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Tsunami Warning Exercise in the Caribbean and Northwestern Atlantic

31 Members States and 16 territories* in the Caribbean and Adjacent Regions are preparing to participate in a simulated tsunami alert exercise in the Caribbean and Adjacent Regions on 26 March 2014. Participants include almost 1,000 organizations and 100,000 people. The goal is to test the Tsunami and other Coastal Hazards Warning System for the Caribbean and Adjacent Regions, which was established in 2005 by the countries of the region in collaboration with UNESCO’s Intergovernmental Oceanographic Commission (IOC-UNESCO).

The exercise, titled Caribe Wave/Lantex 14, will simulate a widespread Tsunami Warning and Watch situation throughout the Caribbean and North-western Atlantic which requires the implementation of local tsunami response plans. The scenario developed by the organizers of the exercise begins with a fictitious earthquake and tsunami generated 270 miles west of Gibraltar at 6:00 am Atlantic Standard Time (10:00 UTC -Universal Time Coordinated) on 26 March 2014, modelled after the earthquake and tsunami that occurred on 1 November 1755. The tsunami generated by the earthquake over 200 years ago affected the coasts of Portugal, Spain, North Africa, and the Caribbean. While the first tsunami waves reached Lisbon in about 20 minutes it was observed in Antigua about 9.3 hours after the earthquake. Later waves, with estimated run-up heights of 7 meters, were observed in the Netherlands Antilles.

The exercise is designed to test the effectiveness of alert, monitoring and warning systems among all emergency management organizations (national focal points for tsunami alerts, weather forecast offices, national coast guard, etc.) throughout the region. The objective is to determine whether Caribbean countries are ready to respond in the event of a dangerous tsunami.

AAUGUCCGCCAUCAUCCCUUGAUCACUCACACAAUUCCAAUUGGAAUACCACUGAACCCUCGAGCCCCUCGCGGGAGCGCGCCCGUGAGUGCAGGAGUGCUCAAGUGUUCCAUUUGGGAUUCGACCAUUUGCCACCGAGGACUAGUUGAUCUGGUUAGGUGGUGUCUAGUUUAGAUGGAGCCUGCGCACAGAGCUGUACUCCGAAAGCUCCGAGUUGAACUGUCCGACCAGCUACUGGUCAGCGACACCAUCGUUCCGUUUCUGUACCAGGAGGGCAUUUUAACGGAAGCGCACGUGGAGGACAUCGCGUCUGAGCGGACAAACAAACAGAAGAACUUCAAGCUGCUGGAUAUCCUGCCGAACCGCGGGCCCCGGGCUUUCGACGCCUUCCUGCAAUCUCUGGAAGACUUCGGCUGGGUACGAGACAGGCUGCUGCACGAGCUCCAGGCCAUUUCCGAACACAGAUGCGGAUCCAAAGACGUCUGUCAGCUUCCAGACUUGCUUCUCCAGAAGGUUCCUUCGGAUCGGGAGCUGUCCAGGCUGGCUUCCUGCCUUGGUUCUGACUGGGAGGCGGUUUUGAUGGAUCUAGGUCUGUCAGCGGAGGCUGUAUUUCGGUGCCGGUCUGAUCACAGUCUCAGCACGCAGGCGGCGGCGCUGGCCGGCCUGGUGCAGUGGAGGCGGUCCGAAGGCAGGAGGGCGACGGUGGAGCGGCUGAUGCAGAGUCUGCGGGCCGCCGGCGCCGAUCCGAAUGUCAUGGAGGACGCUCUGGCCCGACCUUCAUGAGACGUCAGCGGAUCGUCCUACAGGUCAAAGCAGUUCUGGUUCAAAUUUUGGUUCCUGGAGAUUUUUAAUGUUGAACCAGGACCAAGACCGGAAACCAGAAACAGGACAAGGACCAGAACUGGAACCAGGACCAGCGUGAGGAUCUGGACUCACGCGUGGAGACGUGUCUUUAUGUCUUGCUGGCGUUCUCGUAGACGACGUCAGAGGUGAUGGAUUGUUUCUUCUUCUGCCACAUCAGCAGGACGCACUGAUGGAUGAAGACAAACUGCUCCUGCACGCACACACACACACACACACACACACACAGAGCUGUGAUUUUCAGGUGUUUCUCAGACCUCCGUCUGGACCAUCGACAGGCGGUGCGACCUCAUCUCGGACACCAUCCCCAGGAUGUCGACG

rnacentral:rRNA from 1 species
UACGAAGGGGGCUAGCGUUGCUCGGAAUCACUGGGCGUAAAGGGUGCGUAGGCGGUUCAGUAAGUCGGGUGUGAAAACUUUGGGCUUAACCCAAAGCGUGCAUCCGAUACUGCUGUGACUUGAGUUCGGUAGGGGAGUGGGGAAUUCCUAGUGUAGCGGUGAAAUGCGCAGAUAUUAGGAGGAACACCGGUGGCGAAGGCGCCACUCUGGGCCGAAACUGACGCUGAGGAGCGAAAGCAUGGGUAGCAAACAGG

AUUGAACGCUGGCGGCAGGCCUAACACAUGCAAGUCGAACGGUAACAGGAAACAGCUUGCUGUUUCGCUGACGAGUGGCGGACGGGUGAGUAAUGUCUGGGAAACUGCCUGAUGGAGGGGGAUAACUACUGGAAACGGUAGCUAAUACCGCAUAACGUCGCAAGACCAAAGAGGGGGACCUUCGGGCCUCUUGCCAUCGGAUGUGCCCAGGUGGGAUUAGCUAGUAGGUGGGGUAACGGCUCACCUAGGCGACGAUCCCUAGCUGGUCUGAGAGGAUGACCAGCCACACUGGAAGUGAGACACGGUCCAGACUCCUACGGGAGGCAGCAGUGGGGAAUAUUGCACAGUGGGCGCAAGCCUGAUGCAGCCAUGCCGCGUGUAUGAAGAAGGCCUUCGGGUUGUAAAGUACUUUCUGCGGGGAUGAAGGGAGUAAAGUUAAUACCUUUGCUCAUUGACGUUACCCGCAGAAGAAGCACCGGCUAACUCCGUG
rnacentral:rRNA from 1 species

Previous experience underlines the crucial importance of rapid transmission of information. It has also shown that national authorities must take risk into account at all levels, including education about hazards in schools, urban planning in coastal zones, modification of building codes and materials, evacuation plans for communities and organization of effective emergency services. Rapid population growth and the development of tourism in coastal areas, which have further increased the region’s vulnerability in recent decades, must be taken into account.

A description of the scenario and examples of tsunami messages from the US National Tsunami Warning Centre (NTWC) and the Pacific Tsunami Warning Centre (PTWC) are included in a handbook prepared for the exercise. The US NTWC is currently responsible for providing tsunami alerts to the Atlantic coasts of U.S. and Canada, the Gulf of Mexico coast, Puerto Rico, and the Virgin Islands (US and British) while the PTWC is the interim Regional Tsunami Watch Provider for the other countries in the Caribbean Sea and Adjacent Regions.

The exercise is sponsored by the IOC-UNESCO Intergovernmental Coordination Group for Tsunami and Other Coastal Hazards Warning System for the Caribbean and Adjacent Regions (ICG/CARIBE-EWS), the Caribbean Emergency Management Agency (CDEMA), the Coordination Centre for the Prevention of Natural Disasters in Central America (CEPREDENAC), the U.S. National Oceanic and Atmospheric Administration (NOAA), and by the U.S. National Tsunami Hazard Mitigation Program (NTHMP – a partnership of 29 States and territories and three federal agencies).

*Member States and Territories involved:
Antigua and Barbuda, Aruba, Bahamas, Barbados, Belize, Colombia, Costa Rica, Curaçao, Dominica, Dominican Republic, France (Martinique, Guadeloupe, St Martin, Guyane), Grenada, Guatemala, Guyana, Haiti, Honduras, Jamaica, Mexico, Netherlands (Bonaire, Saba, Sint Eustatius), Nicaragua, Panama, Saint Kitts and Nevis, Saint Lucia, Saint Vincent and the Grenadines, Sint Maarten, Suriname, Trinidad and Tobago, United Kingdom (Anguilla, British Virgin Islands, Bermuda, Cayman Islands, Turks and Caicos), United States (Puerto Rico, US Virgin Islands), Venezuela (Bolivarian Republic of).

Media Contact:
Agnès Bardon, UNESCO Press service.
Tel :+33 (0) 1 45 68 17 64,
Email: a.bardon(at)

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